Maguire Residence


This mansion is one of the last remaining palace-like residences in Buenos Aires. It was built in the 1890s on a street with many other similar homes, Avenida Alvear. Many of these extravagant houses have been demolished or converted into hotels. Its architectural features combine Victorian, Gothic, and Renaissance influences as a reflection of the tastes of its former inhabitants, the Duhau... Read More »

Maqamat al-Hariri, Garden Scene by al-Wasiti


The image by 13th–century illustrator al-Wasiti (fl. 1237) is from the Maqamat (Assemblies), a collection of stories of a picaresque hero. In the upper half of the illustration, a boy in a short tunic and cap with tiraz embroidered bands, leads animals yoked to the saqiyya, a geared water-raising device that irrigated fields and gardens. The boy grasps the tail of the animal and carries a... Read More »

Maqamat al-Hariri, Rural Scenes by al-Wasiti


The image by 13th–century illustrator al-Wasiti is from the Maqamat (Assemblies), a collection of stories of a picaresque hero. The author, al-Hariri (1054-1122 CE), is an important figure in Arabic literary history. The illustrations belong to the Baghdad School of miniature illustration, and depict scenes of ordinary life. The scene illustrates aspects of a village life. Al-Wasiti used a... Read More »

Thumbnail of children's story illustration

Max und Moritz


Written and illustrated by German painter and poet, Wilhelm Busch, Max und Moritz (1865) is a children's story written in doggerel verse and illustrated in a comic-like style about two unscrupulous boys who taunt adults with their sadistic pranks.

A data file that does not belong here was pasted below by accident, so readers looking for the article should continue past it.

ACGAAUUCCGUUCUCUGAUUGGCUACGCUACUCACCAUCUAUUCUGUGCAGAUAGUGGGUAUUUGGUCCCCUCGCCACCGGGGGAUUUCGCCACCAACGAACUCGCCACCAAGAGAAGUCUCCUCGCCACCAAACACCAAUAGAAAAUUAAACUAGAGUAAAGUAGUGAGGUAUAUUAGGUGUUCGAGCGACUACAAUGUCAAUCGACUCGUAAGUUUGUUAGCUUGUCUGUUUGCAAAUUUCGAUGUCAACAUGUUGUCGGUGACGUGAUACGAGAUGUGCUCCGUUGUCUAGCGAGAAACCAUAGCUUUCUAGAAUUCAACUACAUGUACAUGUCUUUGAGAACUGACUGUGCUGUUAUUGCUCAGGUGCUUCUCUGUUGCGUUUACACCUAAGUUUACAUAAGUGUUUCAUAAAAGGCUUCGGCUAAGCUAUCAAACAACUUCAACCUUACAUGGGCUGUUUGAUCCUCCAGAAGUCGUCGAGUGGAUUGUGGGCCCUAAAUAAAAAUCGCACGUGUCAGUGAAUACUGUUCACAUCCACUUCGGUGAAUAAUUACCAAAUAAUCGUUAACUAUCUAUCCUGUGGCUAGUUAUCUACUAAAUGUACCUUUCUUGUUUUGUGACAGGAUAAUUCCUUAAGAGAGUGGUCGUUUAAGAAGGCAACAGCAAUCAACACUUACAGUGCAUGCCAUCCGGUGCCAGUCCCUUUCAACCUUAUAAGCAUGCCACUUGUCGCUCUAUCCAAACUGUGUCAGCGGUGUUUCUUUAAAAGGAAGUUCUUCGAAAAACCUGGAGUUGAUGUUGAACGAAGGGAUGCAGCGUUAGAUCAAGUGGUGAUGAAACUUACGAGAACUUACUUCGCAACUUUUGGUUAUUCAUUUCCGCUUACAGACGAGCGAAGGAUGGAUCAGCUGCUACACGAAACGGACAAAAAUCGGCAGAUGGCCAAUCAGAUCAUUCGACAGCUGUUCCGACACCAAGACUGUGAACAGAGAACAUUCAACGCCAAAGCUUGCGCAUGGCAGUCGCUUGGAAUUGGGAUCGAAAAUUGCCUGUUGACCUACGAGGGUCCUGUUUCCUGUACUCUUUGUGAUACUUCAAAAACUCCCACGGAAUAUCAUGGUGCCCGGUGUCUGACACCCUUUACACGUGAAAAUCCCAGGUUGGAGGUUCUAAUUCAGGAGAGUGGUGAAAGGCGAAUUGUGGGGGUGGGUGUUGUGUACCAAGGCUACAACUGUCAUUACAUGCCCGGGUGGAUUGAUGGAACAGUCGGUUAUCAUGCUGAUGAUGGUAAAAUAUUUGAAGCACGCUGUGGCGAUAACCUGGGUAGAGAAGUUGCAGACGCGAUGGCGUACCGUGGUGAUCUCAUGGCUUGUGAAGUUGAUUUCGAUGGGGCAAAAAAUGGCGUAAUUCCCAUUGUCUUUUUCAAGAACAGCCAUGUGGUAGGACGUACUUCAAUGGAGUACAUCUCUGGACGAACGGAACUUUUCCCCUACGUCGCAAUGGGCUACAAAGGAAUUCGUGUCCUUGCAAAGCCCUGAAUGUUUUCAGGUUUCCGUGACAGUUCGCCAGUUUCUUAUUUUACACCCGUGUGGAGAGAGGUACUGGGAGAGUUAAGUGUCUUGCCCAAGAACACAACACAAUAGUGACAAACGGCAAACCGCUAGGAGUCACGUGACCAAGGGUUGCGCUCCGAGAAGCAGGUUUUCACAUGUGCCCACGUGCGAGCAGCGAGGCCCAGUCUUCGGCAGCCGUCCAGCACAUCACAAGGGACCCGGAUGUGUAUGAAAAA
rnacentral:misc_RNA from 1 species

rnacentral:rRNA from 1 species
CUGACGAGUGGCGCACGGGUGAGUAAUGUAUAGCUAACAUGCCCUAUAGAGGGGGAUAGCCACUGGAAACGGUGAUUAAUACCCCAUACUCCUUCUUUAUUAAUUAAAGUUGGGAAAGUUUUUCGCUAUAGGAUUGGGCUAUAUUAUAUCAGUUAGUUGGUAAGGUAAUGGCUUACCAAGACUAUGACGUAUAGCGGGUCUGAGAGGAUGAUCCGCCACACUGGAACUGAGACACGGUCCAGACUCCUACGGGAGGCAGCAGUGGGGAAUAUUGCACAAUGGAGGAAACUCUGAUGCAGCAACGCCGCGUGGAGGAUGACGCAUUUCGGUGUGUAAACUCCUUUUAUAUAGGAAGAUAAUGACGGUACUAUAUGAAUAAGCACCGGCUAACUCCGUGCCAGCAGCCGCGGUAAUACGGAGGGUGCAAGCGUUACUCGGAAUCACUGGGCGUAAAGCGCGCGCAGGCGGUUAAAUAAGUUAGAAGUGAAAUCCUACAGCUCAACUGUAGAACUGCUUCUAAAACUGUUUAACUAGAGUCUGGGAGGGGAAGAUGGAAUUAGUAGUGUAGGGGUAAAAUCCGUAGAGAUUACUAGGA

In this illustration, Max and Morris have already tricked the widow into cooking chickens they are now trying to snag by lowering a fishing... Read More »

Thumnail image of a painting of a catfish on a Mayan vase

Maya Vase Database: An Archive of Rollout Photographs

The vases include scenes of palace life, mythology, warfare, and animals.
Mencius and his Mother: A Lesson Drawn from Weaving thumbnail

Mencius and his Mother: A Lesson Drawn from Weaving


This illustration depicts a scene from the Traditions of Exemplary Women (Lienü zhuan) of Liu Xiang (ca. 77-6 BCE), one of China's first didactic texts on feminine morality. The text to this story is provided below the illustration. The story recounts the upbringing of Mencius (ca. 371-289 BCE), one of the greatest Confucian philosophers of early China. Mencius, or Mengzi, as he is... Read More »

Misión Nuestra Señora de la Purísima Concepción de Acuña


The Spanish Crown claimed possession of vast territories throughout North, Central, and South America between the late-fifteenth and early and nineteenth centuries. The region that comprises the modern-day US Southwest served as borderlands between indigenous communities, and Spanish, French, and English colonies. It was not heavily populated with Spanish setters, but it did have military... Read More »

Misión San Francisco de la Espada


The Misión San Francisco de la Espada is one of the many churches that Spanish friars founded along the modern-day Southwestern United States. This area was a frontier-zone, bordering indigneous communities and British and French territories. It was established in the mid-eighteenth century near San Antonio, Texas to evangelize the native peoples. The stone complex originally featured a dam,... Read More »

Misión San José y San Miguel de Aguayo


The San Jose Mission in San Antonio, Texas is one of the most complete complexes in the southwest. It was built in the mid-eighteenth century to evangelize approximately 300 indigenous people.Their tiny, two-room living quarters lined the interior walls of the complex. These individuals lived and worked there under the supervision of the church authorities. During the 1930s, the federal... Read More »

Misión Santa Cruz de San Sabá


The ruins of the Mission Santa Cruz de San Sabá are located in Menard, Texas. It once operated as a Spanish colonial church and military outpost. In the seventeenth and eighteenth centuries, Spanish friars established many such structures across the Southwestern United States. Each of these sites aimed to evangelize the local communities. During this period, the Lipan Apache became the target... Read More »